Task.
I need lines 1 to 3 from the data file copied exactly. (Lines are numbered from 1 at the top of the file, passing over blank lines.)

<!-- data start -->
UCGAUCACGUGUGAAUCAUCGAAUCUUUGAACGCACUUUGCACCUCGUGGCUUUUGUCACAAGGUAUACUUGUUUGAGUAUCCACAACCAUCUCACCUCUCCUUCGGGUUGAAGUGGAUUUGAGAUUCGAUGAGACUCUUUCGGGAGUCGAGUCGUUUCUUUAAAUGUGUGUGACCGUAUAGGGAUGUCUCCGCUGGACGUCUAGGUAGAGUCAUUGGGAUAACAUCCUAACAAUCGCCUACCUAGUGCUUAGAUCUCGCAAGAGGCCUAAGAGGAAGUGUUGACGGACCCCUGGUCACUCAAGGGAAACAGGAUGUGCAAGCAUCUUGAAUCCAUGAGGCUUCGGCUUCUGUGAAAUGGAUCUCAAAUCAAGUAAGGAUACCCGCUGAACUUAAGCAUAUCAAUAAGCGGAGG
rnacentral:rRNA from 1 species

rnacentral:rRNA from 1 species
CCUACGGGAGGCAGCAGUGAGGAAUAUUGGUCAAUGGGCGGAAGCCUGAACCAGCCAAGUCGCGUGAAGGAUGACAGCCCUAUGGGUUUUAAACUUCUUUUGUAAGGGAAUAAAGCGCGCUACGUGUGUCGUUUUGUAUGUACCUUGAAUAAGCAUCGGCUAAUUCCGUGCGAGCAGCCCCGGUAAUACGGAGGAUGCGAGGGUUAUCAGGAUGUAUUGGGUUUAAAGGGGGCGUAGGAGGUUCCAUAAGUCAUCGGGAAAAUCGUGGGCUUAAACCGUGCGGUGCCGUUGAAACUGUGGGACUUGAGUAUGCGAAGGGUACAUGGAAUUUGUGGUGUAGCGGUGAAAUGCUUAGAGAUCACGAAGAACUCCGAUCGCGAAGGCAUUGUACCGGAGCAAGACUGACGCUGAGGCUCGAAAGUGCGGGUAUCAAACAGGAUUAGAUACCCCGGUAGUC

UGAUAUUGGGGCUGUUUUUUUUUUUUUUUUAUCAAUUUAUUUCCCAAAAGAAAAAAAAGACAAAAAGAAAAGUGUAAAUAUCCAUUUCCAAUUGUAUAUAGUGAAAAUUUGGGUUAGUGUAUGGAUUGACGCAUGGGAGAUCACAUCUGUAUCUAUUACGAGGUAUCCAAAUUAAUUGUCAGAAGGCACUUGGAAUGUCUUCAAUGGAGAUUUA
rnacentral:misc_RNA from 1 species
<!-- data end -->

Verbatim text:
UCGAUCACGUGUGAAUCAUCGAAUCUUUGAACGCACUUUGCACCUCGUGGCUUUUGUCACAAGGUAUACUUGUUUGAGUAUCCACAACCAUCUCACCUCUCCUUCGGGUUGAAGUGGAUUUGAGAUUCGAUGAGACUCUUUCGGGAGUCGAGUCGUUUCUUUAAAUGUGUGUGACCGUAUAGGGAUGUCUCCGCUGGACGUCUAGGUAGAGUCAUUGGGAUAACAUCCUAACAAUCGCCUACCUAGUGCUUAGAUCUCGCAAGAGGCCUAAGAGGAAGUGUUGACGGACCCCUGGUCACUCAAGGGAAACAGGAUGUGCAAGCAUCUUGAAUCCAUGAGGCUUCGGCUUCUGUGAAAUGGAUCUCAAAUCAAGUAAGGAUACCCGCUGAACUUAAGCAUAUCAAUAAGCGGAGG
rnacentral:rRNA from 1 species

rnacentral:rRNA from 1 species